Don’t Ignore Your Traffic Ticket
Traffic tickets are – believe it or not – misdemeanor offenses in Georgia. That means that, unless a specific traffic law says otherwise, you could end up with up to a $1,000 fine and up to 12 months in jail. I’d say that’s something serious – and so you should not ignore it when you get a ticket.
Always read your ticket carefully – pay attention to the following:
- What charge or charges did the police officer give you?
- When is your court date?
- What courthouse do you have to go to for court?
I don’t understand my ticket – can a lawyer help me?
If you don’t understand your traffic ticket, a lawyer can definitely help you. Most lawyers will even talk with you about your case for no or little charge. Here at Your Law Firm, when you call in, you’ll be able to talk with one of our Case Management Officers (CMOs) for no charge, and they’ll run any questions by one of our lawyers, to see how we can help.
Things to look for in hiring a lawyer:
- Does the lawyer regularly go to the courthouse where your ticket is out of?
- Can the lawyer answer your questions, or if not, are they able to find out the answers for you?
- Will the lawyer or someone at their law firm answer your emails and phone calls when you need it?
- Do you feel comfortable with the lawyer and their team, as normal people?
- Are they within your price range?
Kinds of Georgia Traffic Tickets
There are a lot of laws on how traffic and drivers should operate in Georgia – and a violation of any one of them could land you with a traffic ticket.
Here are just a few examples of the kinds of traffic tickets you could get:
- Holding your cell phone while you drive (based on the “hands-free” driving law)
- Failure to maintain your lane
- Driving under the influence of alcohol or drugs – or both
- Driving without car insurance
- Breaking curfew (for underage drivers)
Common Questions When You Get a Traffic Ticket
Here’s some common questions (and our two cents) for when you get a traffic ticket in Georgia:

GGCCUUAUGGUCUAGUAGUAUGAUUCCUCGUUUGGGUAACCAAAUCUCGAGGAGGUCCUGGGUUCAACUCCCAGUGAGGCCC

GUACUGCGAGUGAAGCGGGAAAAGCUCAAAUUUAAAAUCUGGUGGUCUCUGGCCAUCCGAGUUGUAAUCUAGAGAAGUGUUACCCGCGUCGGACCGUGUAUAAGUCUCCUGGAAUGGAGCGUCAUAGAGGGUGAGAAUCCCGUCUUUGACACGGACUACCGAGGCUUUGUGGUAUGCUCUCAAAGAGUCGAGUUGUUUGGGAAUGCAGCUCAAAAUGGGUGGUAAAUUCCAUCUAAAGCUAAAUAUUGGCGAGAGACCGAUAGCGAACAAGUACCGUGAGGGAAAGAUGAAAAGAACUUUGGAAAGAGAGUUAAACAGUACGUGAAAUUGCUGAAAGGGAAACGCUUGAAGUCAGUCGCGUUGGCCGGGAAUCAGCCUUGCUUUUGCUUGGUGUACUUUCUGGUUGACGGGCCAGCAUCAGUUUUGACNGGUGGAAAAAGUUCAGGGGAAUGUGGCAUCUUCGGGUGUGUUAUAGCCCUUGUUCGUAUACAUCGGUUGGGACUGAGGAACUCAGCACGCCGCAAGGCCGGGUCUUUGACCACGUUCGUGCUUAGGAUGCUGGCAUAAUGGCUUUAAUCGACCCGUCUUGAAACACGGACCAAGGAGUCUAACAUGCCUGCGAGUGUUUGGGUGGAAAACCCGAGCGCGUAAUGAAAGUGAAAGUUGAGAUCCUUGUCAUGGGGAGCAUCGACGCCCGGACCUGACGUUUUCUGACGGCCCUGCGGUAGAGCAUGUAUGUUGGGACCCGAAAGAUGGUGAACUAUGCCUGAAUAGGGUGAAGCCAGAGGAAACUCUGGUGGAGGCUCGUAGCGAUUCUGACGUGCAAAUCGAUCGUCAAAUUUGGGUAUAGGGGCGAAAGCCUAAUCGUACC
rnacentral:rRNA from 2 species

- Will a lawyer really be able to help me?
- We think so – it doesn’t hurt to at least talk to a lawyer, to find out how they can help.
- What if I take a defensive driving course, will that help me in court?
- Sometimes! But it depends on the type of ticket and what your driving history looks like.
- What if I just pay the fine, will my ticket “go away”?
- No – if you pay the fine, you are admitting guilt to that ticket and, while you won’t have to go to court, you will have it on your driving history – which doesn’t go away.
- I am too busy – can I just ignore my traffic ticket?
- Even if you’re too busy, the risks of ignoring your traffic ticket are way too high to do that. If you don’t show up to court, your license could be suspended, meaning you can’t drive and do all the things you need to do in life. However, sometimes, a lawyer can appear for you – or at least ask the court to schedule your court appearances in a way that works with your schedule, though that’s never a guarantee.
Can a lawyer promise me an outcome for my traffic ticket?
As much as we’d like to say “if you do X, then Y will happen”, that’s just not how the law works. It’s not a coincidence that one of the favorite answers around here when you ask a question is “It Depends.”
As your lawyer – and as Your Law Firm – we can never promise an outcome or result. What we do promise is to do our best work on your case, to get you the best outcome that we can, given all the variables: what happened in your case, who your judge is, who the police officer is, what evidence we have, what evidence the prosecutor has – and so many other possible things.